Mother Africa

“The black continent possesses the greatest creative power of any in the world. Whatever has its origins in Africa remains African forever in mind and in spirit.” (Hermann Keyserling, 1923)

In New York: The Secret African City, Robert Farris Thompson speaks of the Bantu presence as one of the greatest African civilizing forces in America. The impact on the global village of this presence from America’s media capital – New York – cannot be overestimated from an oral-aesthetic perspective. Within the last century, the 1970s youth culture of hip-hop exploded onto the global scene after it was born and developed in the socio-economically disadvantaged inner city of the Bronx (NY). And of course Harlem (NY) was the center of an earlier cultural rebirth whose oral-aesthetic signature is often referred to as the Jazz Age.

Considered by many to be America’s greatest art form, jazz came of age during the Harlem Renaissance – a period of a self-conscious outpouring of African-American creativity which conversely signaled the loss of popularity of minstrelsy. As discussed under the masquerade motif, the great American music industry began in the 1830s theater of white actors painted in blackface lampooning African-American culture, with song and dance forming the heart of these culturally-denigrating minstrel shows. The Jazz Age heralded both a rebirth and a reassertion of the custodianship of African culture… a culture in exile that was bringing a new civility to American discourse.

“Give me your tired, your poor, your huddled masses yearning to breathe free, the wretched refuse of your teeming shore. Send these, the homeless, tempest-tost to me, I lift my lamp beside the golden door!” (Words from the Mother of Exiles via Emma Lazarus, 1883 in her sonnet “The New Colossus.” In 1903, this sonnet was engraved and mounted on a bronze plaque at the Statue of Liberty in New York.)

Congo Square in New Orleans, an important space for African oral-aesthetic expression and production, played a significant role during the formative years of jazz. Vaudeville acts featuring Jelly Roll Morton and others introduced the New Orleans style to Chicago and New York in the early 1900s as the Great Migration from the south was underway, bringing hundreds of thousands of African Americans and regional musical forces to industrialized north and midwest cities. Influenced by Eubie Blake’s rag style for instance, James P. Johnson developed the Harlem stride piano style out of which the Charleston with its definitive “roaring 20s” sound and dance emerged. The convergence of African-Americans in New York City and the coming of age of jazz gave rise to a new mass culture.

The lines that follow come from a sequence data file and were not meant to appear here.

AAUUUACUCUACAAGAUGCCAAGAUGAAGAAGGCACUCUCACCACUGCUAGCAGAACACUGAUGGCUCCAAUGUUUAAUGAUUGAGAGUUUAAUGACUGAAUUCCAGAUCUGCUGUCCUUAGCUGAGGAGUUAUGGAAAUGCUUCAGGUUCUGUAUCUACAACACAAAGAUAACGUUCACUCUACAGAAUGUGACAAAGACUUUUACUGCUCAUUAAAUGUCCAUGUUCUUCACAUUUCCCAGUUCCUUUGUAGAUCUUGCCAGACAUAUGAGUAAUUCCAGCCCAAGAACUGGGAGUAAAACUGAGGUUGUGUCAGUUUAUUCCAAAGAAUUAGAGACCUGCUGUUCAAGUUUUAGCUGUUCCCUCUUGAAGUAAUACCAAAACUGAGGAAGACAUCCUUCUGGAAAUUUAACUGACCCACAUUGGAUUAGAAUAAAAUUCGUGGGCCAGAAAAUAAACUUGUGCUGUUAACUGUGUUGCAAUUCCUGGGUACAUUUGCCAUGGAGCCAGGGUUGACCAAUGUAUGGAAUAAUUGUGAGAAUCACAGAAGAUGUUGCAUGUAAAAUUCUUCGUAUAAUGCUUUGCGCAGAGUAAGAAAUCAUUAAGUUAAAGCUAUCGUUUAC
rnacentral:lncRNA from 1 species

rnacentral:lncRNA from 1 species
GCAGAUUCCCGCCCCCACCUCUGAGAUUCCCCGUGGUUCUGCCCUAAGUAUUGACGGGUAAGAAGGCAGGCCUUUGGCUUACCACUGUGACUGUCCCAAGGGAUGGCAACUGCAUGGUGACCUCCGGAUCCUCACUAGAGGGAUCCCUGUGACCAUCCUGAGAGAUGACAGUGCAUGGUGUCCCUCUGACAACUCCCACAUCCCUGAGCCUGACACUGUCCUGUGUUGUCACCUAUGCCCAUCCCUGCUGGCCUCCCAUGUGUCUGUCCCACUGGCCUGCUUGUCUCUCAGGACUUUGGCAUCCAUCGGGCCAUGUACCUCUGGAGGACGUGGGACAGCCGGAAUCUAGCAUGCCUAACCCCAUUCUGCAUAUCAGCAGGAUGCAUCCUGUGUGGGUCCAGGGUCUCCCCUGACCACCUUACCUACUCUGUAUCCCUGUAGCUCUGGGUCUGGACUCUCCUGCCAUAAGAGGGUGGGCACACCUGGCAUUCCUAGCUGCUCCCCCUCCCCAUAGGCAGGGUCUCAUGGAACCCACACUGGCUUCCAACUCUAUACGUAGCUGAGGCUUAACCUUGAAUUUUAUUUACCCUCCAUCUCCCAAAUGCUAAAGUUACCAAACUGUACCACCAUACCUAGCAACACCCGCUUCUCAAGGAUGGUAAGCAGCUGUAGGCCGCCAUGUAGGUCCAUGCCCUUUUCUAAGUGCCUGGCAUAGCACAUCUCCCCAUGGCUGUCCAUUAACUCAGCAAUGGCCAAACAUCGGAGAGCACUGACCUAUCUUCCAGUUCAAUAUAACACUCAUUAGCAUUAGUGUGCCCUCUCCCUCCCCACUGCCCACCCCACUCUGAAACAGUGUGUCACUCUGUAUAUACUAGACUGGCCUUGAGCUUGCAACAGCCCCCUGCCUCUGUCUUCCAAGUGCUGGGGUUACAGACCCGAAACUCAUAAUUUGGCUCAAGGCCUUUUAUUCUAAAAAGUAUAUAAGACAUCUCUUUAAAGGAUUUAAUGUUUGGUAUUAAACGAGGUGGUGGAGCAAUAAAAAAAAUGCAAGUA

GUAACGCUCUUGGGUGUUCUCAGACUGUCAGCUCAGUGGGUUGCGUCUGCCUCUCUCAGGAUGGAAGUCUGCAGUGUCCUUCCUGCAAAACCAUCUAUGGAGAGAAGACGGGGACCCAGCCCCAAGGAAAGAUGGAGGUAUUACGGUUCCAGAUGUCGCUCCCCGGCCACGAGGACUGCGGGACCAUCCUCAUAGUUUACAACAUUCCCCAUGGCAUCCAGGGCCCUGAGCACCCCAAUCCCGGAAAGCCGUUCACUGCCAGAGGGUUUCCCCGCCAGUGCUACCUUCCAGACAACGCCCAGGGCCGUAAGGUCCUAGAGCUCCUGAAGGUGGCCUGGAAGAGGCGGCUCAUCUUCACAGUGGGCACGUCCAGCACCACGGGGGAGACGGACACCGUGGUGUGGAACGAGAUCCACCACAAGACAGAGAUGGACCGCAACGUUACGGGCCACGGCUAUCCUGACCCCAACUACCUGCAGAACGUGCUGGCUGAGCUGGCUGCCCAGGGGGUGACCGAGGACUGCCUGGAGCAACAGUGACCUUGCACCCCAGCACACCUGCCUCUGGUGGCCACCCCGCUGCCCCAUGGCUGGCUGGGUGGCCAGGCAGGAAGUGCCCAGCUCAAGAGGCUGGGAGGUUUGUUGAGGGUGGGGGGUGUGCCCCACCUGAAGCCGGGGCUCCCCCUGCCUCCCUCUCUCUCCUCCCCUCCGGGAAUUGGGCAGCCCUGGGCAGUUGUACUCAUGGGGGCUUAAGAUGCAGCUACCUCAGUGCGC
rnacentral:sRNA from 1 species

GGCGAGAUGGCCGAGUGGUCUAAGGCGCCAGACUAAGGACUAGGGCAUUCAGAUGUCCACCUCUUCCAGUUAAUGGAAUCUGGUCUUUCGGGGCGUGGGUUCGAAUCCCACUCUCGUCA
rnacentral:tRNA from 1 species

Some notable musicians of this period include Fats Waller; Duke Ellington; Willie “The Lion” Smith; Count Basie; and Louis Armstrong among others. Ladies of jazz included such greats as Billie Holiday, Ella Fitzgerald, and Sarah Vaughn. Their careers were launched at the Apollo Theater which – along with the Savoy Ballroom where the Lindy Hop (a Charleston-influenced swing-jazz-dance style) became famous – is a renowned performance venue of the Harlem Renaissance that began to fall into decline with the advent of television.

Although the Harlem Renaissance was characterized by an overt racial pride that challenged the pervading racism through literature, art, music, and the progressive intellectualism of the New Negro, it depended to a certain extent on white interest, patronage and publication for its success. (Wanting to reinforce their often racist stereotypes of African-American culture, a number of these whites would only support works that depicted “primitivism.”)  The illicit speakeasies that arose in response to the Prohibition (1920-33) became lively venues for the development of Jazz Age cultural expression, tainting this pop music and dance as “immoral” in many minds, including some in the conservative black intelligentsia of the time. So African-American artistic expression once again became caught in the dualistic tensions of “low-” vs. “high-culture” which were entrenched in an institutionalized mindset, but nevertheless fought for its recognition and respect…

“It’s all music.” – Duke Ellington on jazz.

“…it is not music at all. It’s merely an irritation of the nerves of hearing, a sensual teasing of the strings of physical passion.” – Prof. Henry Van Dyke (Princeton University English Literature professor, 1899-1923) on jazz.

When the original colloquial usage of the African-American term jazz is combined with its significance in the realm of music, one is struck by the persistence of Africa-centered conceptual awareness in the oral-aesthetic mythoform. The Historical Dictionary of American Slang links the etymology of the word jazz with the mid-1800s slang term jasm – a variant of jism, gism, or jizz – meaning “spirit, energy, vigor, spunk” or “semen/sperm.” In either sense of the meaning, jazz remains consistent with the oral-tradition concept of nommo/seed as the seminal masculine principle in its life-generating flow, broadcasting itself into the transformative matriarchal and social environment. Interestingly, before it was used in relation to media, the term “broadcast” originally meant the literal sowing of seeds by scattering them widely over the matriarchal environments of farms or fields. African oral-aesthetic expressions have ritualized these organic processes of conception and creation, and understood them in Ebonic terms such as jazz.